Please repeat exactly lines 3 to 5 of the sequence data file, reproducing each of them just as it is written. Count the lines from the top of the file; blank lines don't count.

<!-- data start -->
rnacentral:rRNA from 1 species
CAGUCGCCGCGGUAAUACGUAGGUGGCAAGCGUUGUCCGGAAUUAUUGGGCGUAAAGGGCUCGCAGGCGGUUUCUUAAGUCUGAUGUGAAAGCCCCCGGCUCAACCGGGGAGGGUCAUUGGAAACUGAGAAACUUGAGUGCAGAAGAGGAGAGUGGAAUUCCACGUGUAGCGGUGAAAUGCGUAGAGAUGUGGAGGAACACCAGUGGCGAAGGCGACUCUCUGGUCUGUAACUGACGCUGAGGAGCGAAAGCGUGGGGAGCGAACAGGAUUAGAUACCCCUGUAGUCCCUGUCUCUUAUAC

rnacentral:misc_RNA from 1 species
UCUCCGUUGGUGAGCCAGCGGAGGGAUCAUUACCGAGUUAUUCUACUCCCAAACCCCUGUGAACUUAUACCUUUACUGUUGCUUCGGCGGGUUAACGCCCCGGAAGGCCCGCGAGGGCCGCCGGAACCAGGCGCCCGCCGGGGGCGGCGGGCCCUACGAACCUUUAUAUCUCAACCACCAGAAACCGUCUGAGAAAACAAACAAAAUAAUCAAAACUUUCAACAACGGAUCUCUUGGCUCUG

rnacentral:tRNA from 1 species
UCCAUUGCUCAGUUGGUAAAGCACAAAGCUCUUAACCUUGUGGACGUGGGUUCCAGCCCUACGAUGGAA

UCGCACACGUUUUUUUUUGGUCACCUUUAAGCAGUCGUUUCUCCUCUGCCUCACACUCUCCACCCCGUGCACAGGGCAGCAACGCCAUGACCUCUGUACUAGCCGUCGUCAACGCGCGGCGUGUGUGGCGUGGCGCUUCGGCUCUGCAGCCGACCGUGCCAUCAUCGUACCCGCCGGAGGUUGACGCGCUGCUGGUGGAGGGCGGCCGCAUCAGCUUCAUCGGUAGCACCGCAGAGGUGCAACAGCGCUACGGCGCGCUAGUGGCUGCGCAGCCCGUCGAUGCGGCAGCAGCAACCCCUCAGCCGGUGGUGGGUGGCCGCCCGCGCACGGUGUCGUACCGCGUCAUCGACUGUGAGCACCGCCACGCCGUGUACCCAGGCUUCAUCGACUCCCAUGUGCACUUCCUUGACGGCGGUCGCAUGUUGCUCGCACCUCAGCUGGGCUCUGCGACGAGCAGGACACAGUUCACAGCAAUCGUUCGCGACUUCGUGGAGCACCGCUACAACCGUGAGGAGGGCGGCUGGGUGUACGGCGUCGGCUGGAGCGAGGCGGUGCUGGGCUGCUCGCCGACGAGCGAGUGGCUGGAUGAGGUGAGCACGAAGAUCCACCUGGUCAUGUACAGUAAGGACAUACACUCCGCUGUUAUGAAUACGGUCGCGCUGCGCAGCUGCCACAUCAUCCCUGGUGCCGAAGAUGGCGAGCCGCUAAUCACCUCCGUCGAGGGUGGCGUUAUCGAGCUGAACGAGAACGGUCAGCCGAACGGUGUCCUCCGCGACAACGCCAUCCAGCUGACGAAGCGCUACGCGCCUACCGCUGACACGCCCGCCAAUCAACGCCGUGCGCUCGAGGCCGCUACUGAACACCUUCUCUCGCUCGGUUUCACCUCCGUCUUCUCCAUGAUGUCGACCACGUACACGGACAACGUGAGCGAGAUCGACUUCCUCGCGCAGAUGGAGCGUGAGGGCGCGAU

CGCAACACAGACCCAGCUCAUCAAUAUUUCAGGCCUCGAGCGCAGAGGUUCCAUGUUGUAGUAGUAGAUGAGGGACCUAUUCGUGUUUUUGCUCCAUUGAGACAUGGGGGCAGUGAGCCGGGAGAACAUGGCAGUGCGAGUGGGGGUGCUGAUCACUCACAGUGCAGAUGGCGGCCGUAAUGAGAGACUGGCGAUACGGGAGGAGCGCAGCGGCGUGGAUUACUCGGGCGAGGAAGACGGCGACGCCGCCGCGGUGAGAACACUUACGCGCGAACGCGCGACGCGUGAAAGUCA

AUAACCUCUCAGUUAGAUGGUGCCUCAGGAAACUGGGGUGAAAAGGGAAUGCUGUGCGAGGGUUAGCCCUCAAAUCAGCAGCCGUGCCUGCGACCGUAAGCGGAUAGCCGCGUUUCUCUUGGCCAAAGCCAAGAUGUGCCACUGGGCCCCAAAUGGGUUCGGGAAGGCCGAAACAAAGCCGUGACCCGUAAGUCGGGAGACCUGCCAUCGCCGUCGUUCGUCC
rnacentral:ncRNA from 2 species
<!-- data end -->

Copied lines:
rnacentral:misc_RNA from 1 species
UCUCCGUUGGUGAGCCAGCGGAGGGAUCAUUACCGAGUUAUUCUACUCCCAAACCCCUGUGAACUUAUACCUUUACUGUUGCUUCGGCGGGUUAACGCCCCGGAAGGCCCGCGAGGGCCGCCGGAACCAGGCGCCCGCCGGGGGCGGCGGGCCCUACGAACCUUUAUAUCUCAACCACCAGAAACCGUCUGAGAAAACAAACAAAAUAAUCAAAACUUUCAACAACGGAUCUCUUGGCUCUG

rnacentral:tRNA from 1 species